Between downpours and many cancelled plans, I still managed to catch up with a few friends this week. Dave The Rave and I spent a couple of hours at the railings at Stumble Inn, watching the world go by. We’ve known each other for nearly 20 years and Dave reminded me that our friendship is unusual in Bangkok……because we’ve never had a row. Friendships in Bangkok can be more fragile than elsewhere. I put that down to the pressures of life in Bangkok and the fact that so many Thailand farang are downtrodden and don’t have a great deal of control over their own life. That feeling of being unsettled and never knowing what drama could be thrust on you next spills over in to friendships where bickering and falling out is common.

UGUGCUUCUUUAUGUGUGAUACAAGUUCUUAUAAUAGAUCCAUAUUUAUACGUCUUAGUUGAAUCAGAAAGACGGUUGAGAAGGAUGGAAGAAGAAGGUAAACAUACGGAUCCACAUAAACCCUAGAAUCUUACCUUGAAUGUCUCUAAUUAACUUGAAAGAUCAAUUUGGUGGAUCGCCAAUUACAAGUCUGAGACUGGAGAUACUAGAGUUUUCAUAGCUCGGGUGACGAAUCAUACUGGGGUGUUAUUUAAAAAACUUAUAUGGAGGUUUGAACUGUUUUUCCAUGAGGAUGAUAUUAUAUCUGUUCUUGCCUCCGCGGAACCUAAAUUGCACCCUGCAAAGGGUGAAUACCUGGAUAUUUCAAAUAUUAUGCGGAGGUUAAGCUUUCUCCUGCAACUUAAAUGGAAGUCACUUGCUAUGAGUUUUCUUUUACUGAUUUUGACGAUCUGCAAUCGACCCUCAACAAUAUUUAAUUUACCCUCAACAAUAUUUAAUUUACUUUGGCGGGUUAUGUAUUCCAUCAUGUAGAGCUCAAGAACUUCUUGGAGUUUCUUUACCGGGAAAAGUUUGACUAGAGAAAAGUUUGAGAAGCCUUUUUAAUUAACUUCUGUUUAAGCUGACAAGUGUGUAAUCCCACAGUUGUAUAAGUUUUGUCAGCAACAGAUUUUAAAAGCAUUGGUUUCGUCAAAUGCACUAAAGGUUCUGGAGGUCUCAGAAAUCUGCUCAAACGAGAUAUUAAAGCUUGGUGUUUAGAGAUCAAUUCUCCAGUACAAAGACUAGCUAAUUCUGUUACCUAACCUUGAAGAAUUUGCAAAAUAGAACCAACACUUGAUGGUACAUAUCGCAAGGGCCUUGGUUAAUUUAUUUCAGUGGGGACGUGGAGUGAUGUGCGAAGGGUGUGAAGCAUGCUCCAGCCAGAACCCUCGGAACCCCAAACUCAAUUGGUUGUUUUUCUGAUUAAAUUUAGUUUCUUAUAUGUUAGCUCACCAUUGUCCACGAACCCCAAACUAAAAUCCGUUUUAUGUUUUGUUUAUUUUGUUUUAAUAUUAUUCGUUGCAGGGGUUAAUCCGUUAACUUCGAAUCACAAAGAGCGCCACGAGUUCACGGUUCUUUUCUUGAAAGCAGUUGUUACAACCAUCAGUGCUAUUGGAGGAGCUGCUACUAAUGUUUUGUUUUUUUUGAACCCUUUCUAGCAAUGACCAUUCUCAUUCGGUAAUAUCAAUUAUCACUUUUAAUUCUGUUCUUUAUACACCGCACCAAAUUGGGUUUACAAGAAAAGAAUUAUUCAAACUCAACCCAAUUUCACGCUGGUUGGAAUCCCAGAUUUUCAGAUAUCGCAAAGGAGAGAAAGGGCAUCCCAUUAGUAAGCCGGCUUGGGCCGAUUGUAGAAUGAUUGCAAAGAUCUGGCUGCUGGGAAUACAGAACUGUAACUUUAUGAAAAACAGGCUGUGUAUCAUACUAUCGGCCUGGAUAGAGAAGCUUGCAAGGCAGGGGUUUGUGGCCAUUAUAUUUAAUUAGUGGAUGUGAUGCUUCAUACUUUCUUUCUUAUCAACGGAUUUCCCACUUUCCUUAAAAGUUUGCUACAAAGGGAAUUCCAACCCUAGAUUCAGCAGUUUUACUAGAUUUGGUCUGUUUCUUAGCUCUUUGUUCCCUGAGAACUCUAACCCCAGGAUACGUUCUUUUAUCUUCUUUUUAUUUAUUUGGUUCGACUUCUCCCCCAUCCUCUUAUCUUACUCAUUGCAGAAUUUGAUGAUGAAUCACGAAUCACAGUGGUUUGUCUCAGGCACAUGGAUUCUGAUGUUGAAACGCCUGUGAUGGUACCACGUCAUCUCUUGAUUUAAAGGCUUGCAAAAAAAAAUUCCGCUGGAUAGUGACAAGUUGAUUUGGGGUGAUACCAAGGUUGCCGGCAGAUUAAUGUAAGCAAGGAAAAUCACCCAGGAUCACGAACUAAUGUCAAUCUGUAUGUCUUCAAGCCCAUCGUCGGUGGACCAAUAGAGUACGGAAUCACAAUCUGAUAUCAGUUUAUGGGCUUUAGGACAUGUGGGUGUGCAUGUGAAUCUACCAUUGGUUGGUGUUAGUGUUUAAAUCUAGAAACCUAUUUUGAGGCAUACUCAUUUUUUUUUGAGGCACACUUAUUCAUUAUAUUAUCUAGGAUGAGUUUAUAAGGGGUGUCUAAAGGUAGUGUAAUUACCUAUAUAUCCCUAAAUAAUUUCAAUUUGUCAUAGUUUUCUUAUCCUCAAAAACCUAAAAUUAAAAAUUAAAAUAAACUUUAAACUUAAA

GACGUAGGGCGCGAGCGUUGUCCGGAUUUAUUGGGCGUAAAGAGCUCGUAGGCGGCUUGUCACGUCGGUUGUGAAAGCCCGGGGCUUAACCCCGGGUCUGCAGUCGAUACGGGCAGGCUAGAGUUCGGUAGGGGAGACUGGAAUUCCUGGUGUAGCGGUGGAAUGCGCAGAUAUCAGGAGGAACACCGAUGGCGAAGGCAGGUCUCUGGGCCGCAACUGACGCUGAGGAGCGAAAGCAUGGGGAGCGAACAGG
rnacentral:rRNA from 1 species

I had a nice, albeit brief chat this week with Bangkok nightlife legend Bernard Trink who I bumped in to at Siam Square. At 88, Bernard has slowed down a bit but it’s nice to see him still enjoying his old routines with his devoted wife still right by his side. It’s great to see a couple at that age still doing everything together. I did think about asking him if we could do another interview and have more of a catch-up but I like him and respect him too much and decided after a quick hello, how are you, what are you up to that I should leave him in peace.
I have not been complimentary of Thailand farang in recent times, a term I use from time to time for foreigners who call Thailand home. At the same time I have to acknowledge that I have a lot of friends in this part of the world – and a lot of them are really good people. It was really reinforced towards the end of this week when I caught up with 3 friends, all who made a considerable effort to travel to Bangkok. I need to make an effort to be more positive….there are a lot of good foreigners in this part of the world.